General Accident in its answer, among other defenses, alleges lack of subject matter jurisdiction; it denies that complete diversity jurisdiction exists; it seeks dismissal of the action based upon the failure of plaintiff to join one or more parties indispensable under Fed.R.Civ.P. 19. General Accident also has filed a cross-claim against Carey for a declaratory judgment that it is Not liable to Carey or to any person claiming under or derivatively through Carey as to any of the matters arising out of the claims alleged in the instant suit. Wausau, among other defenses, alleges lack of subject matter jurisdiction.
It cannot be seriously challenged that as to all 14 insurance companies in the Florida action that court has subject matter and in personam jurisdiction and that all parties who have rights or obligations under the policies issued by the defendants are before that court; that each litigant is in a position to advance whatever its respective position is either by way of defense, claim or cross-claim; and that a judgment would have res judicata effect. So, too, it cannot be questioned that in this action, with only three insurance carriers and Carey as litigants, any judgment would be binding only on them and that a determination conceivably may differ from that entered in the Florida action.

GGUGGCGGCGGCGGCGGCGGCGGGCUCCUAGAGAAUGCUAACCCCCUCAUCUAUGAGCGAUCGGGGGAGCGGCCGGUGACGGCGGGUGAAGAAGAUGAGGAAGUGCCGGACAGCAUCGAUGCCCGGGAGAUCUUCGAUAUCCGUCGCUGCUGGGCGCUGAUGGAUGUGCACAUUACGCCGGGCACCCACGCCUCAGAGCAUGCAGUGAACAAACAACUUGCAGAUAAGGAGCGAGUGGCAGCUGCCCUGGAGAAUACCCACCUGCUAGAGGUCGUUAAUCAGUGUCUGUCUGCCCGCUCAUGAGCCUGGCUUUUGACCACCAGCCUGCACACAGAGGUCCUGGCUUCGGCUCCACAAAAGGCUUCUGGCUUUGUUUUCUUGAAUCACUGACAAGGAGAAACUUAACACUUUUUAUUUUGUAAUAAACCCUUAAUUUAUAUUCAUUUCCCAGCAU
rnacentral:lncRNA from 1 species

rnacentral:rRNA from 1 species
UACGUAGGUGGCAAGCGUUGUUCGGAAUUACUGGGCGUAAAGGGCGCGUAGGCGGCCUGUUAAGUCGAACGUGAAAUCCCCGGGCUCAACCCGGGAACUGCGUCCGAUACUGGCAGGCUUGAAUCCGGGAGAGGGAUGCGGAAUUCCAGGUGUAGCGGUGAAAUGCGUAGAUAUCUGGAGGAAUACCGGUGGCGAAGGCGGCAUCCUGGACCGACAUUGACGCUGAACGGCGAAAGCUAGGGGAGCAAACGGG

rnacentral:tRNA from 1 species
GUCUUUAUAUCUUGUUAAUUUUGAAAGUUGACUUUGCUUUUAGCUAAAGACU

Upon the surface a rather compelling case for a stay appears, but General Accident and Wausau in a strongly worded statement admonish this Court that it has a duty to deny the stay and to permit the action here to proceed. They assert that they have a congressionally granted right to a determination of the specific claims in this action, to wit, those arising out of the Swift and Dyson lawsuits with respect to which American Motorists seeks (1) a declaration of the rights of the litigants, and (2) judgment against them for the specific sums American Motorists paid in the defense and settlement of the lawsuits; that to grant the stay would be tantamount to a dismissal of this action contrary to the "virtually unflagging obligation of the federal courts to exercise the jurisdiction given to them" citing Colorado River Water Conservation District v. United States.